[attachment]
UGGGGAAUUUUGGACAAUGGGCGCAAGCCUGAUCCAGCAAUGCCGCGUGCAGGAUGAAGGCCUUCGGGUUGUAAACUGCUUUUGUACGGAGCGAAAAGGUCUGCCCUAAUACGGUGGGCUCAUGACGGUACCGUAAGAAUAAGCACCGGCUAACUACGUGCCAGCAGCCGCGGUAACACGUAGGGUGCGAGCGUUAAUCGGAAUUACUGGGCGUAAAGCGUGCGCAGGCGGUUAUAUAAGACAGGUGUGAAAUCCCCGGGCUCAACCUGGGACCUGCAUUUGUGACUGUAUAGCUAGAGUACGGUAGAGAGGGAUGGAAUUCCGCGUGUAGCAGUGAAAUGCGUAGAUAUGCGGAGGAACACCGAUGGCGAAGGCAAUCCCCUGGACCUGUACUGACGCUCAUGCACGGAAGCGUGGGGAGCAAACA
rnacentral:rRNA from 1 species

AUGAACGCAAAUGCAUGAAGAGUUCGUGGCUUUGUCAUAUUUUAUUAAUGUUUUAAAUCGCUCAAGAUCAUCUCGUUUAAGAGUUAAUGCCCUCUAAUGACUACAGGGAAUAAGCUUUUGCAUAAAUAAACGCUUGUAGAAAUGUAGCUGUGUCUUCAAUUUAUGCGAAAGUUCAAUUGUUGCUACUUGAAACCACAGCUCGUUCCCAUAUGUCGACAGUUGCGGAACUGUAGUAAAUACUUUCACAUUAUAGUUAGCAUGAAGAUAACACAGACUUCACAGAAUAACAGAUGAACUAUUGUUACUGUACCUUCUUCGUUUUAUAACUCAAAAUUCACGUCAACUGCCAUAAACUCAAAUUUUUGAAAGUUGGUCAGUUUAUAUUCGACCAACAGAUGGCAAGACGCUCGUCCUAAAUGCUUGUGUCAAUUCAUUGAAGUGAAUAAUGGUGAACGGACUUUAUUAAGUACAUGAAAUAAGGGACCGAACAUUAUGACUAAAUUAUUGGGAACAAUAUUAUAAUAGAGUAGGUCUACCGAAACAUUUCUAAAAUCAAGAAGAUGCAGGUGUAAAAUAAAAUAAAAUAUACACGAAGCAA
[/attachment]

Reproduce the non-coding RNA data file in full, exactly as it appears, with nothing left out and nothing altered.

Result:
UGGGGAAUUUUGGACAAUGGGCGCAAGCCUGAUCCAGCAAUGCCGCGUGCAGGAUGAAGGCCUUCGGGUUGUAAACUGCUUUUGUACGGAGCGAAAAGGUCUGCCCUAAUACGGUGGGCUCAUGACGGUACCGUAAGAAUAAGCACCGGCUAACUACGUGCCAGCAGCCGCGGUAACACGUAGGGUGCGAGCGUUAAUCGGAAUUACUGGGCGUAAAGCGUGCGCAGGCGGUUAUAUAAGACAGGUGUGAAAUCCCCGGGCUCAACCUGGGACCUGCAUUUGUGACUGUAUAGCUAGAGUACGGUAGAGAGGGAUGGAAUUCCGCGUGUAGCAGUGAAAUGCGUAGAUAUGCGGAGGAACACCGAUGGCGAAGGCAAUCCCCUGGACCUGUACUGACGCUCAUGCACGGAAGCGUGGGGAGCAAACA
rnacentral:rRNA from 1 species

AUGAACGCAAAUGCAUGAAGAGUUCGUGGCUUUGUCAUAUUUUAUUAAUGUUUUAAAUCGCUCAAGAUCAUCUCGUUUAAGAGUUAAUGCCCUCUAAUGACUACAGGGAAUAAGCUUUUGCAUAAAUAAACGCUUGUAGAAAUGUAGCUGUGUCUUCAAUUUAUGCGAAAGUUCAAUUGUUGCUACUUGAAACCACAGCUCGUUCCCAUAUGUCGACAGUUGCGGAACUGUAGUAAAUACUUUCACAUUAUAGUUAGCAUGAAGAUAACACAGACUUCACAGAAUAACAGAUGAACUAUUGUUACUGUACCUUCUUCGUUUUAUAACUCAAAAUUCACGUCAACUGCCAUAAACUCAAAUUUUUGAAAGUUGGUCAGUUUAUAUUCGACCAACAGAUGGCAAGACGCUCGUCCUAAAUGCUUGUGUCAAUUCAUUGAAGUGAAUAAUGGUGAACGGACUUUAUUAAGUACAUGAAAUAAGGGACCGAACAUUAUGACUAAAUUAUUGGGAACAAUAUUAUAAUAGAGUAGGUCUACCGAAACAUUUCUAAAAUCAAGAAGAUGCAGGUGUAAAAUAAAAUAAAAUAUACACGAAGCAA